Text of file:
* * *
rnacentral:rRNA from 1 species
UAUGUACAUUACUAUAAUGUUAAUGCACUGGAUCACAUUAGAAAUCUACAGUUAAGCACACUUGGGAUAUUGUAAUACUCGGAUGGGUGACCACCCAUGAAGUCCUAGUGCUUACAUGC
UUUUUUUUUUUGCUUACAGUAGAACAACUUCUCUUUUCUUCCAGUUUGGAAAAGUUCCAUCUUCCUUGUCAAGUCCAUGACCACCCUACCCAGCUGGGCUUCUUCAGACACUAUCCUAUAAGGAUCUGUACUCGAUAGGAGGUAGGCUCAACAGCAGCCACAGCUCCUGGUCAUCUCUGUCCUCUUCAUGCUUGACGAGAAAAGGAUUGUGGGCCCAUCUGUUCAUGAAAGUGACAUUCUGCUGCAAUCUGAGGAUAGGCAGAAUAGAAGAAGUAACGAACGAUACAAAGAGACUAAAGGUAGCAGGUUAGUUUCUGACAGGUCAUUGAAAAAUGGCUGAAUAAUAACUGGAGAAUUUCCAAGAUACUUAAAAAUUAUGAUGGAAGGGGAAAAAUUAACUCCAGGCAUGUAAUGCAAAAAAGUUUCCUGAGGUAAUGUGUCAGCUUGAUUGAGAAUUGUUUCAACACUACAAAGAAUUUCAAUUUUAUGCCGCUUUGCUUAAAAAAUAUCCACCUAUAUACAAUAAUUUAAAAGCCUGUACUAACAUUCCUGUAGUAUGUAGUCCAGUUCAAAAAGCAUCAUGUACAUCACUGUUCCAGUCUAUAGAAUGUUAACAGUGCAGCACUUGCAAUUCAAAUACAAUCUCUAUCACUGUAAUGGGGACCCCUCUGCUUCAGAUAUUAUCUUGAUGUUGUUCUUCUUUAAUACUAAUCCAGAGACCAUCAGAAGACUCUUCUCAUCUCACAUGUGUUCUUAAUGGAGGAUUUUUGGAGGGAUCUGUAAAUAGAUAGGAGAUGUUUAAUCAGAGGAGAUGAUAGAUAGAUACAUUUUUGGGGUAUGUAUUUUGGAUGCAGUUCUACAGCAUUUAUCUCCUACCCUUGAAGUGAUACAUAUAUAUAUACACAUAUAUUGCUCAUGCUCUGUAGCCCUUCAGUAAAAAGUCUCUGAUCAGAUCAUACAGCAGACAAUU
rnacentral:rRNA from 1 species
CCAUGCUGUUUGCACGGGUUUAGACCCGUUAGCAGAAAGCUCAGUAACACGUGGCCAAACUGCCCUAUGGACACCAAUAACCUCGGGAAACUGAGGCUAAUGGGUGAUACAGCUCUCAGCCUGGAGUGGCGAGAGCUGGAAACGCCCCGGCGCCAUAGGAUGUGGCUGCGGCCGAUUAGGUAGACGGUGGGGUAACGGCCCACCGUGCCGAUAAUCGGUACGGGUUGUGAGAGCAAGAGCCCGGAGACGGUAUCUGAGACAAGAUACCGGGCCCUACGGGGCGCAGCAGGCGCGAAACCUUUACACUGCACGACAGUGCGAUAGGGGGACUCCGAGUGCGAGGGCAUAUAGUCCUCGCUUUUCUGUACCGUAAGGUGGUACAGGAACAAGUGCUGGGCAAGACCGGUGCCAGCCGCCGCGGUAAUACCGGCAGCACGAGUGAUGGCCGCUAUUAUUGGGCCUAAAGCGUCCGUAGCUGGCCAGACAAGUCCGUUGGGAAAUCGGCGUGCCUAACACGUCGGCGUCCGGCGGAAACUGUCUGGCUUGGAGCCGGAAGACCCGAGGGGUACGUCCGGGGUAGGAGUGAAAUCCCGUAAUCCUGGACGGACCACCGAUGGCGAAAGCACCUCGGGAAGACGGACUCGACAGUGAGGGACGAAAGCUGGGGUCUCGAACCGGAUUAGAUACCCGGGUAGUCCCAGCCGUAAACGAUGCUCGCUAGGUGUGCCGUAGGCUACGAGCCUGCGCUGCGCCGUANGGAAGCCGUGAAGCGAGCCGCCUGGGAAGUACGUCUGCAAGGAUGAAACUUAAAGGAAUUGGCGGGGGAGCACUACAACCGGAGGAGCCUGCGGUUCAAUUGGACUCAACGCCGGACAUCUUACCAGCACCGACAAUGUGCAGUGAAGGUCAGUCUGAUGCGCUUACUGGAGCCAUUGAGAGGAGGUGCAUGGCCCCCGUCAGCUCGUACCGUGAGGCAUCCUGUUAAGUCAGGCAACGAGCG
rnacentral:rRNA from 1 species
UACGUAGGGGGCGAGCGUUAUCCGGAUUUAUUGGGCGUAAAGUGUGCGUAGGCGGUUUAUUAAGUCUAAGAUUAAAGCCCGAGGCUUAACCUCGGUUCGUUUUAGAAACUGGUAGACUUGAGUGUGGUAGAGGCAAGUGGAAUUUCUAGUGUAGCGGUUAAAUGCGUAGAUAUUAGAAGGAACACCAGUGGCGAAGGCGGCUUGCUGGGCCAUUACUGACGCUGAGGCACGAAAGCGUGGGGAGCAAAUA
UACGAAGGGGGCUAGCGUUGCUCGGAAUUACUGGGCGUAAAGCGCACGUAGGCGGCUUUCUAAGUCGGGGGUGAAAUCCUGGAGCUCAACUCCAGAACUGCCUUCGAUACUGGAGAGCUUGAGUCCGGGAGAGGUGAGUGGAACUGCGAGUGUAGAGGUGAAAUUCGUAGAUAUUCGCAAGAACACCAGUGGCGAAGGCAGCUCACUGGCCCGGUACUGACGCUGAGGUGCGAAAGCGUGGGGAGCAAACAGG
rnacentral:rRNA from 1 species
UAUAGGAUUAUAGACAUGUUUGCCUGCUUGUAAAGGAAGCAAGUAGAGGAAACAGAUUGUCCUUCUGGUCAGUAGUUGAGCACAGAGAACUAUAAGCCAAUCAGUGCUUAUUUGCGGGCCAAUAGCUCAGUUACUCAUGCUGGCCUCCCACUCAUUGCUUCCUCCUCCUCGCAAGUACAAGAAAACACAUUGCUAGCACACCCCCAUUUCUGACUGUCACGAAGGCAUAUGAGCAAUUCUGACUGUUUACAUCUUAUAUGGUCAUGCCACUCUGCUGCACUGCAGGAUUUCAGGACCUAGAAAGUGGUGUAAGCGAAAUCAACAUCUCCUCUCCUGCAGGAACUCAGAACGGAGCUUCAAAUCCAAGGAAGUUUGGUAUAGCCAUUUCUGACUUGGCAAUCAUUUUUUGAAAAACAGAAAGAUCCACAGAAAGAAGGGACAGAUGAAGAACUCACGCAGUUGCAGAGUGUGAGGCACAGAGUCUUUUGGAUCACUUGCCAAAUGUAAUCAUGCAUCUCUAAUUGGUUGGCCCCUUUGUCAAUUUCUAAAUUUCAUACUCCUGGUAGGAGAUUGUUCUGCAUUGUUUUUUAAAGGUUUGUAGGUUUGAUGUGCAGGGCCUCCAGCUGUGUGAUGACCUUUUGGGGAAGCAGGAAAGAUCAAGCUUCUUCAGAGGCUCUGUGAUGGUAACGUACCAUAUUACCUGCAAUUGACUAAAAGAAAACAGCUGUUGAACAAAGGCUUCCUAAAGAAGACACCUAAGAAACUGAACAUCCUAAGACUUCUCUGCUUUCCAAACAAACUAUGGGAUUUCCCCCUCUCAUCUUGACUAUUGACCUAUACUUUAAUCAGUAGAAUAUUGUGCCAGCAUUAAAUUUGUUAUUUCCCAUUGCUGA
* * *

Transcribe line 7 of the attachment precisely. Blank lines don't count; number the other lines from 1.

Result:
UACGUAGGGGGCGAGCGUUAUCCGGAUUUAUUGGGCGUAAAGUGUGCGUAGGCGGUUUAUUAAGUCUAAGAUUAAAGCCCGAGGCUUAACCUCGGUUCGUUUUAGAAACUGGUAGACUUGAGUGUGGUAGAGGCAAGUGGAAUUUCUAGUGUAGCGGUUAAAUGCGUAGAUAUUAGAAGGAACACCAGUGGCGAAGGCGGCUUGCUGGGCCAUUACUGACGCUGAGGCACGAAAGCGUGGGGAGCAAAUA